I love looking at roofs.  Whether I’m driving down the road or riding on elevated subway trains, I’m looking at roofs.  Even when gazing from my window, I like looking down at my neighbors’ roofs, searching for signs of heat loss.  It may seem a little nutty, but it’s fun for me.  I’m a private investigator eavesdropping on energy bandits who are preying on unsuspecting houses.  Today it snowed and as I looked down at the roofs of the brownstones below my window, I noticed several violations and pulled out my notepad.

Conditions were perfect.  The temperature was just under 30 degrees and it had been snowing for an hour or two.  Wherever the temperature of the roof was colder than 32, the snow would stick.  It would melt wherever the heat from the inside of the house escaped to the outside.  The lack of snow is an indication of where there is inadequate insulation or a failure in what we in the PI business call the building envelope.  That may not excite some, but private investigating is my life, and I’m ok with that!

Take a look at this photo of a row of brownstones.  The first house on the left has been vacant for quite some time.  They probably have the heat on at 50 degrees to keep the pipes from freezing and still the snow is melting as it lands.  I hope when it is sold, the new tenants think about this and give it proper insulation during their renovation, because right now I’m guessing there is none.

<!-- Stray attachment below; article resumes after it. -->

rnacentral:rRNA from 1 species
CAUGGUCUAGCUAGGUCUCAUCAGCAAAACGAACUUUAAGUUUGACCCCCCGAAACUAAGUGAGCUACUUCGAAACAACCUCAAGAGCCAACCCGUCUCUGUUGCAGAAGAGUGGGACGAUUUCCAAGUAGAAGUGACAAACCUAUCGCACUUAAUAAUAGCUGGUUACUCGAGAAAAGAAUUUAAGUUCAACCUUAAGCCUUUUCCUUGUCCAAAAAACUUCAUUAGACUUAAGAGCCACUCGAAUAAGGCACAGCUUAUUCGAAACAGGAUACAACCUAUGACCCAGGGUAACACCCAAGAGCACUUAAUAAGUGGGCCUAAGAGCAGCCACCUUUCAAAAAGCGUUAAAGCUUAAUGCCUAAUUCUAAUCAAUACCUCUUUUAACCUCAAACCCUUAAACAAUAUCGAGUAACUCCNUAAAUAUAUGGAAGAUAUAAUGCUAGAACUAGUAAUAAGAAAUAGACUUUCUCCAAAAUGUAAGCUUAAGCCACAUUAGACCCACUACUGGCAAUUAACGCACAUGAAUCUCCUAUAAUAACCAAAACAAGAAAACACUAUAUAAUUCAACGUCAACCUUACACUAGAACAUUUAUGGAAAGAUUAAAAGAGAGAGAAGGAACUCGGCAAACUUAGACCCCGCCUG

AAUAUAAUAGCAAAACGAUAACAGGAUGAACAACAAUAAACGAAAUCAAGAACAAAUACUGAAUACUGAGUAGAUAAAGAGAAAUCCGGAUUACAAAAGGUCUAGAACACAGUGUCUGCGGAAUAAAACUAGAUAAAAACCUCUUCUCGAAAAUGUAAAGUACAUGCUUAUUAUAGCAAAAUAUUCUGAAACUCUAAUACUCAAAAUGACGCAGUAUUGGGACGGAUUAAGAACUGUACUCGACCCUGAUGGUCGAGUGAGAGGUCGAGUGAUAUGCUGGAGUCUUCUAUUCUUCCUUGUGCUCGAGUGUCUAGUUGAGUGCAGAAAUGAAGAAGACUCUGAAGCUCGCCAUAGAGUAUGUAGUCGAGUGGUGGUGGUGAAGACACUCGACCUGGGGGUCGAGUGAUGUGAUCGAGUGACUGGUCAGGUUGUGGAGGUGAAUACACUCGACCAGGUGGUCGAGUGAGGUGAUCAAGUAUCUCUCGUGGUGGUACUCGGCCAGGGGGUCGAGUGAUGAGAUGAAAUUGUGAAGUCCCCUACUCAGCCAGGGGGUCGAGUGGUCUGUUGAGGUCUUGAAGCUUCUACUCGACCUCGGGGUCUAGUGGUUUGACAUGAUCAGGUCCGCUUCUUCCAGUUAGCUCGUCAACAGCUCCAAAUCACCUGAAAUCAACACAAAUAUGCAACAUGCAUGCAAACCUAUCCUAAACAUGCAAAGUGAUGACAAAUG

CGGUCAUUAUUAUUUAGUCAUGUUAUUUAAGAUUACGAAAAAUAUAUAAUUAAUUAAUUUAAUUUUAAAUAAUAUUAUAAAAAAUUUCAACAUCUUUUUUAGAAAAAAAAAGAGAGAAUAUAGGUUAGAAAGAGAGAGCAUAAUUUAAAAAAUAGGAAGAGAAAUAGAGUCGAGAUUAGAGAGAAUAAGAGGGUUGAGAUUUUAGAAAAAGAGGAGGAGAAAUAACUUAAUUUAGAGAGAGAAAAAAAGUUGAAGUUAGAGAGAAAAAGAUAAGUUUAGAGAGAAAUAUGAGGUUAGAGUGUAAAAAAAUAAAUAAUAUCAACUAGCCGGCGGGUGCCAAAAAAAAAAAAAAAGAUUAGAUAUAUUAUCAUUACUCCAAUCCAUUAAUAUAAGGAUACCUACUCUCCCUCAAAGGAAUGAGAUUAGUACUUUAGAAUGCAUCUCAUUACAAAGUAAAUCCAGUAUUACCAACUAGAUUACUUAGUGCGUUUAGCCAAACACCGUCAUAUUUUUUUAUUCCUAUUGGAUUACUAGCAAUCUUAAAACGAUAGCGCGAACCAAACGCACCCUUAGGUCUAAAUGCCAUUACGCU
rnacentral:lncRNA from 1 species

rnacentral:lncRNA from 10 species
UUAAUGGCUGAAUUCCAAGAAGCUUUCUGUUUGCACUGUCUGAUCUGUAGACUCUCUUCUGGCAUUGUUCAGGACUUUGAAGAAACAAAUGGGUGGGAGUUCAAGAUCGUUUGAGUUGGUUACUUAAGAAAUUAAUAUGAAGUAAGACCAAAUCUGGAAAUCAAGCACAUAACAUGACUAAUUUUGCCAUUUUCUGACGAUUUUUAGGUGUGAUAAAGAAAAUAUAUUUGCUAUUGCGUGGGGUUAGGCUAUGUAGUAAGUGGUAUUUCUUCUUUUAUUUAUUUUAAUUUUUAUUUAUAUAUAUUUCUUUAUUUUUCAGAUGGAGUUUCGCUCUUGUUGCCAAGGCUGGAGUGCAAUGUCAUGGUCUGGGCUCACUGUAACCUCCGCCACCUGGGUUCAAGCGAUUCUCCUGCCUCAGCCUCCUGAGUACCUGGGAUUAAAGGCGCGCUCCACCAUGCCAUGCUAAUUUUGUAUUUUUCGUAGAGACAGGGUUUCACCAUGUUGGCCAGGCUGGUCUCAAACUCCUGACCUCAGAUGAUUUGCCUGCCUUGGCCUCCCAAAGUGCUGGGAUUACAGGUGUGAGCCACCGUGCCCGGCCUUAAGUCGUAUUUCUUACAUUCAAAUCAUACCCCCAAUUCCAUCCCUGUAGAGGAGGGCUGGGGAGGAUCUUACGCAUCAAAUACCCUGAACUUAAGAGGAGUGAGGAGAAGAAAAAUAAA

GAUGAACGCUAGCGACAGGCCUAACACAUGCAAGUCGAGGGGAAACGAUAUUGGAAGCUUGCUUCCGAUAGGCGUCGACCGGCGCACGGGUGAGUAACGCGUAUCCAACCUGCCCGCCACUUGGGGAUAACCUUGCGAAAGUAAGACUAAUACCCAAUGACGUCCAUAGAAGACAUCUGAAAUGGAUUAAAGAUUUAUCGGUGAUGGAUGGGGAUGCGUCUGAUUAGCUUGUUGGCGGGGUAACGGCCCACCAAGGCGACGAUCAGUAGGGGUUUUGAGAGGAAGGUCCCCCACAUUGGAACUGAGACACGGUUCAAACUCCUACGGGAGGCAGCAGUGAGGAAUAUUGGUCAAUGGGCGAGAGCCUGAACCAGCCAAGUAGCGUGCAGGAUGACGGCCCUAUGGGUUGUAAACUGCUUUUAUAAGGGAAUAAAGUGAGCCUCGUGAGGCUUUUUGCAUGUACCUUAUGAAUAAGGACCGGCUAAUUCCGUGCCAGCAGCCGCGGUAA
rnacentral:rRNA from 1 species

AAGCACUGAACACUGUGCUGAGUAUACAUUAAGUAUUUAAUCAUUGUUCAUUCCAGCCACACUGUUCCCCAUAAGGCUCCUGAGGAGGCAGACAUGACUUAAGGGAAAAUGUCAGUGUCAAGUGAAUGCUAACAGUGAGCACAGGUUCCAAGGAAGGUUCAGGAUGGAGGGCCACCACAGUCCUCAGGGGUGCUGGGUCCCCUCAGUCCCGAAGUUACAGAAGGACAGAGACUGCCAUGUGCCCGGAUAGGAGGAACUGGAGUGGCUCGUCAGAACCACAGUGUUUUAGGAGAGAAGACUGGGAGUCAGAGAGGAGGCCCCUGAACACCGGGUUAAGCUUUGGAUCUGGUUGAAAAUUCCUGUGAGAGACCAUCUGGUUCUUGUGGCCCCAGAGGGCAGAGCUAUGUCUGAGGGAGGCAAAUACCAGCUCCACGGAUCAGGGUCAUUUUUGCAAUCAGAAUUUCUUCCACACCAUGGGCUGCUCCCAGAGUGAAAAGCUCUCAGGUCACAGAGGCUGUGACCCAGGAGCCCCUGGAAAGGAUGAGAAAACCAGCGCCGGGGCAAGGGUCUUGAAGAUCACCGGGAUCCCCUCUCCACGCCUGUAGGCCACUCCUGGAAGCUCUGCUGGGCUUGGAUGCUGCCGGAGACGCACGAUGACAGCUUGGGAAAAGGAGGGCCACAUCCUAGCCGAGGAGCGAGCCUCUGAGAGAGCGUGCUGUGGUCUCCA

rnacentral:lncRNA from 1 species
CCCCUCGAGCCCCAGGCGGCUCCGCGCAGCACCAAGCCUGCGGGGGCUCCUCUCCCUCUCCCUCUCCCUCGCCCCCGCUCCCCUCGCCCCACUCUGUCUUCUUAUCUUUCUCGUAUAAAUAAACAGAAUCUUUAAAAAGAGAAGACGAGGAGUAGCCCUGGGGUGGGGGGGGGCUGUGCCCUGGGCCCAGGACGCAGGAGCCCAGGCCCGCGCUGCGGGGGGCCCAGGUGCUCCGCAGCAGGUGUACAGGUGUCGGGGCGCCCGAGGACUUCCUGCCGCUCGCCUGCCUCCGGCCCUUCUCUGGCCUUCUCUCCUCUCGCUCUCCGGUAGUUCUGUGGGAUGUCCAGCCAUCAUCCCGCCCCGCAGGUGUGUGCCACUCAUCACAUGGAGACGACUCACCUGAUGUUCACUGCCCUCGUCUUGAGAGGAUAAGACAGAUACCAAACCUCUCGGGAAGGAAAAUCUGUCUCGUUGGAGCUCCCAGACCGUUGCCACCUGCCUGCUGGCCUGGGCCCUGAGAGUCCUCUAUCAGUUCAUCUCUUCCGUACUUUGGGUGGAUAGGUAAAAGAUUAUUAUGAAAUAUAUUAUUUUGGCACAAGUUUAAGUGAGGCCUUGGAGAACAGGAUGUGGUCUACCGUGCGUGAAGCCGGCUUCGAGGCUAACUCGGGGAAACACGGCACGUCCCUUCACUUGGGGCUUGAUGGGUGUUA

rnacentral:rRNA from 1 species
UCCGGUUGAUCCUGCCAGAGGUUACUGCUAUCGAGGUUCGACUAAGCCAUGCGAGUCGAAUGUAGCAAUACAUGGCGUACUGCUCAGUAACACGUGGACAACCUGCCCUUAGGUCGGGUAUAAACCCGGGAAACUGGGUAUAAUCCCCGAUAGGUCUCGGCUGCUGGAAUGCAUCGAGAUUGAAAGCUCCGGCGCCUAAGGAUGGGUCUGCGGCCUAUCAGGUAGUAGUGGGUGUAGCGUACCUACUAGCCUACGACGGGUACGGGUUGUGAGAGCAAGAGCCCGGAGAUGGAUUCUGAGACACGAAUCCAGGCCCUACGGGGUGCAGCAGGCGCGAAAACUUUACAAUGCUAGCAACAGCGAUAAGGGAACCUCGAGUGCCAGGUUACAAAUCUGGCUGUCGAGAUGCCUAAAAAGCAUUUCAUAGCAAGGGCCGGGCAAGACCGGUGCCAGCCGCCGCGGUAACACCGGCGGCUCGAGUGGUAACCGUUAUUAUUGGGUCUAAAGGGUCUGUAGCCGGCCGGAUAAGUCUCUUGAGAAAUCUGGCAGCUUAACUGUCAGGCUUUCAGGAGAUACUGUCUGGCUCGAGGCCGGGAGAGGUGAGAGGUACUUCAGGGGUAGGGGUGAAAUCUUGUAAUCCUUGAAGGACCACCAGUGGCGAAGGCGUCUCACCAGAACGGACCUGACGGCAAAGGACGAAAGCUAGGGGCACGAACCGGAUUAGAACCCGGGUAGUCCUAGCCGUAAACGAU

The second house to the right is just such a case.  The contractor is almost done with this gut renovation.  The owners have no doubt spent millions of dollars on it, yet all the snow is melting on the roof.  This indicates that an energy efficiency specialist was not hired since the roof is the most important area to insulate.

A closer look reveals snow melting in a circle on their deck.  Very strange.  I’m guessing there must be a drain under the pavers going through the house, thereby conducting heat from the inside of the house to the deck.  Notice how the snow is melted next to the wall too, suggesting that heat is escaping through the walls. The parapet on the left is also devoid of snow.  My hunch is that they used fiberglass insulation inside the exterior walls.  Fiberglass, (the least effective insulation on the market) does not block air flow and allows warm air to rise through the wall cavity, heating up the parapet.

The third house is better insulated but they are losing heat through thermal bridging.  If you look closely you can see the lines of melted snow in a grid pattern.  That shows where the studs are.  The contractors installed insulation as the code requires, but unfortunately heat also travels through the studs – in between the insulation.
The fourth house is where I would put my energy bill.  Any heat they are producing is staying inside where it belongs, keeping the occupants warm.  Then the sixth and seventh houses are going back to the old ways of throwing heat, energy and money, to the wind.

When these structures were built, energy was cheap and plentiful. Now we need modern solutions for modern problems.  It is common to see tradesmen specializing in plumbing, tile, carpentry etc.  Today, it makes sense for architects to augment the team with an energy efficiency specialist to provide a thorough, impenetrable building envelope.